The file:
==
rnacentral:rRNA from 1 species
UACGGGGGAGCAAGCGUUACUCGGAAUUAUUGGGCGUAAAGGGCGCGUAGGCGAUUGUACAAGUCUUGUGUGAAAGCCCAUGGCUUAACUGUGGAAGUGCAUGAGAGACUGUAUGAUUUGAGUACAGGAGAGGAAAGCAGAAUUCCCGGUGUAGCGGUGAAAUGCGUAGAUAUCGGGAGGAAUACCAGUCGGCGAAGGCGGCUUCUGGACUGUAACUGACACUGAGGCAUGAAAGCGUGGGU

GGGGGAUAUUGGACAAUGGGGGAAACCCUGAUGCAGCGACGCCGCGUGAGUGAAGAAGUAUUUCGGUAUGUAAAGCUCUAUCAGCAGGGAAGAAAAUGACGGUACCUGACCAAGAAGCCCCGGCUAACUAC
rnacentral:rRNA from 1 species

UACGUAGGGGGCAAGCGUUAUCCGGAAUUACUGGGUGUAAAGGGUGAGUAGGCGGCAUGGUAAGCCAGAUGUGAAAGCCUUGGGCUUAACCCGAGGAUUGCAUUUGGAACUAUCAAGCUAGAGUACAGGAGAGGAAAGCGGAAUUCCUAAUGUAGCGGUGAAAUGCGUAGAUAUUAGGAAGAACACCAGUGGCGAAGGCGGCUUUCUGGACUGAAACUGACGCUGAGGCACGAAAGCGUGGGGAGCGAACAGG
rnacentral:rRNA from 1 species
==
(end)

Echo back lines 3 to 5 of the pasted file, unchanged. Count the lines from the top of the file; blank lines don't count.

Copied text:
GGGGGAUAUUGGACAAUGGGGGAAACCCUGAUGCAGCGACGCCGCGUGAGUGAAGAAGUAUUUCGGUAUGUAAAGCUCUAUCAGCAGGGAAGAAAAUGACGGUACCUGACCAAGAAGCCCCGGCUAACUAC
rnacentral:rRNA from 1 species

UACGUAGGGGGCAAGCGUUAUCCGGAAUUACUGGGUGUAAAGGGUGAGUAGGCGGCAUGGUAAGCCAGAUGUGAAAGCCUUGGGCUUAACCCGAGGAUUGCAUUUGGAACUAUCAAGCUAGAGUACAGGAGAGGAAAGCGGAAUUCCUAAUGUAGCGGUGAAAUGCGUAGAUAUUAGGAAGAACACCAGUGGCGAAGGCGGCUUUCUGGACUGAAACUGACGCUGAGGCACGAAAGCGUGGGGAGCGAACAGG